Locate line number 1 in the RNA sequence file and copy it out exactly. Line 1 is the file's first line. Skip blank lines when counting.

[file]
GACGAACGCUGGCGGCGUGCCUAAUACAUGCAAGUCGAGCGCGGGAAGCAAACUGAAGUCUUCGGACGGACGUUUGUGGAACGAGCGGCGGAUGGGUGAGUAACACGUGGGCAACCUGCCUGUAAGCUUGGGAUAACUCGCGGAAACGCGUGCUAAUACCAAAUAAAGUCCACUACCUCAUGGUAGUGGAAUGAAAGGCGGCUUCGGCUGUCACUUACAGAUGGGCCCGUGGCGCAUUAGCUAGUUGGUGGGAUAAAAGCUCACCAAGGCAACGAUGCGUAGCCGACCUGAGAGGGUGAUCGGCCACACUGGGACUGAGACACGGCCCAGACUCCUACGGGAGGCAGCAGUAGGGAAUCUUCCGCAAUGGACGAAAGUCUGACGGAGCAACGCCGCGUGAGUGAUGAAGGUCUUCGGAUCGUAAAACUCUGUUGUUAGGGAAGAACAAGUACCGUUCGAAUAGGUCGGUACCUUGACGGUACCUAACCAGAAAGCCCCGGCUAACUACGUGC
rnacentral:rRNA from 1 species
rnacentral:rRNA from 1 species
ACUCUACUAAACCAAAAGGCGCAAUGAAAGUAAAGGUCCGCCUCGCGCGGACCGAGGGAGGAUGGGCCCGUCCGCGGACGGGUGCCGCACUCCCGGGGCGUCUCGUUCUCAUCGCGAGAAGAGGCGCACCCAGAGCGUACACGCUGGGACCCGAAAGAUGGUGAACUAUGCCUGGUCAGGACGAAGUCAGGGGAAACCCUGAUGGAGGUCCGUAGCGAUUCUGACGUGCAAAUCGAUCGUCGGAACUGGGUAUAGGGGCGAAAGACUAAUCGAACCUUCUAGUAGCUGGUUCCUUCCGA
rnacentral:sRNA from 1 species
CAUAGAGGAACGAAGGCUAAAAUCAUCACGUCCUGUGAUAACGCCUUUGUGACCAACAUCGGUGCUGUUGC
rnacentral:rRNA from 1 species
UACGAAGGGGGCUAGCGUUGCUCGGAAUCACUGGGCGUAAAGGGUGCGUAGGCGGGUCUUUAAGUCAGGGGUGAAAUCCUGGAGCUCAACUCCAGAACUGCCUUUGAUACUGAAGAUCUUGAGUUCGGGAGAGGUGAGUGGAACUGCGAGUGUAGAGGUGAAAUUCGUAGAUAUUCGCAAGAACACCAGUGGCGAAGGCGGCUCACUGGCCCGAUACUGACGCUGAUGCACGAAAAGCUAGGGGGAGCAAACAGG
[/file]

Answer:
GACGAACGCUGGCGGCGUGCCUAAUACAUGCAAGUCGAGCGCGGGAAGCAAACUGAAGUCUUCGGACGGACGUUUGUGGAACGAGCGGCGGAUGGGUGAGUAACACGUGGGCAACCUGCCUGUAAGCUUGGGAUAACUCGCGGAAACGCGUGCUAAUACCAAAUAAAGUCCACUACCUCAUGGUAGUGGAAUGAAAGGCGGCUUCGGCUGUCACUUACAGAUGGGCCCGUGGCGCAUUAGCUAGUUGGUGGGAUAAAAGCUCACCAAGGCAACGAUGCGUAGCCGACCUGAGAGGGUGAUCGGCCACACUGGGACUGAGACACGGCCCAGACUCCUACGGGAGGCAGCAGUAGGGAAUCUUCCGCAAUGGACGAAAGUCUGACGGAGCAACGCCGCGUGAGUGAUGAAGGUCUUCGGAUCGUAAAACUCUGUUGUUAGGGAAGAACAAGUACCGUUCGAAUAGGUCGGUACCUUGACGGUACCUAACCAGAAAGCCCCGGCUAACUACGUGC